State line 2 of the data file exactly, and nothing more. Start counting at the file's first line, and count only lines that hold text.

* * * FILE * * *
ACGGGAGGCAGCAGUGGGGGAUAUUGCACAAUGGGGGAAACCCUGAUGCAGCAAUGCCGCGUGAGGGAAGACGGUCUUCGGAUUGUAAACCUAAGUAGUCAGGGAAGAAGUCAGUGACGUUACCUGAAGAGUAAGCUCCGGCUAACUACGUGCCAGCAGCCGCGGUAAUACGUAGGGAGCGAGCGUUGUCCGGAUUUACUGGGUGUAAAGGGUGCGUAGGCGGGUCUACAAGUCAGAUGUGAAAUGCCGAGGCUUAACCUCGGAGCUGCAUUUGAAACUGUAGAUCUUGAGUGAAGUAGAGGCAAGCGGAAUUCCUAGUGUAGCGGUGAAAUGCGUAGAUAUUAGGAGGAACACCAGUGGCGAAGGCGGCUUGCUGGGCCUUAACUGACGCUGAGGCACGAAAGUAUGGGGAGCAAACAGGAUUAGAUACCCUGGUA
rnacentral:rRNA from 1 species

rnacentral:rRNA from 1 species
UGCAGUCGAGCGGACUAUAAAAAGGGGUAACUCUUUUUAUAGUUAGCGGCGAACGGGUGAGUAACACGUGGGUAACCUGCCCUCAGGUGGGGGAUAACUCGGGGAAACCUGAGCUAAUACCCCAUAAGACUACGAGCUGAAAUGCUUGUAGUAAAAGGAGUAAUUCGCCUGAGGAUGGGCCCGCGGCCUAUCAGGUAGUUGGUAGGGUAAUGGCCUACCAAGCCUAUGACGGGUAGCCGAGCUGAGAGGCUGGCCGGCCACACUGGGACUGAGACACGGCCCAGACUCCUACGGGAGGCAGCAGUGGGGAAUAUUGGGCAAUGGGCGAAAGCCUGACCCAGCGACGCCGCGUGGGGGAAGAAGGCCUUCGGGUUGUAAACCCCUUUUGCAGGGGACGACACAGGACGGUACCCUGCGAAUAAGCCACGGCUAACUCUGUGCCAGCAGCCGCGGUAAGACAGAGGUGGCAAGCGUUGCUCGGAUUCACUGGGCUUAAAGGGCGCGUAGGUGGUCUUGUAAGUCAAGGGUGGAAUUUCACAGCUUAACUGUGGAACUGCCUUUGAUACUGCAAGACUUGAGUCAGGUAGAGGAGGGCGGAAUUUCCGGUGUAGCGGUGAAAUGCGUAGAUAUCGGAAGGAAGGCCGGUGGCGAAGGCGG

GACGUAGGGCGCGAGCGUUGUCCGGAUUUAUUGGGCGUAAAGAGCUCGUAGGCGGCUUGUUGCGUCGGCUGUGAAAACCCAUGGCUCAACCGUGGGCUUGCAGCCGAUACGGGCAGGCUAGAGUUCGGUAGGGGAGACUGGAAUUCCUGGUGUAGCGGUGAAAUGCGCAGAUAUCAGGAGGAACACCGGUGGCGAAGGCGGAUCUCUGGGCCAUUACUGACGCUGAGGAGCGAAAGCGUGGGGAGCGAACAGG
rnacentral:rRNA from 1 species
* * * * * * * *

rnacentral:rRNA from 1 species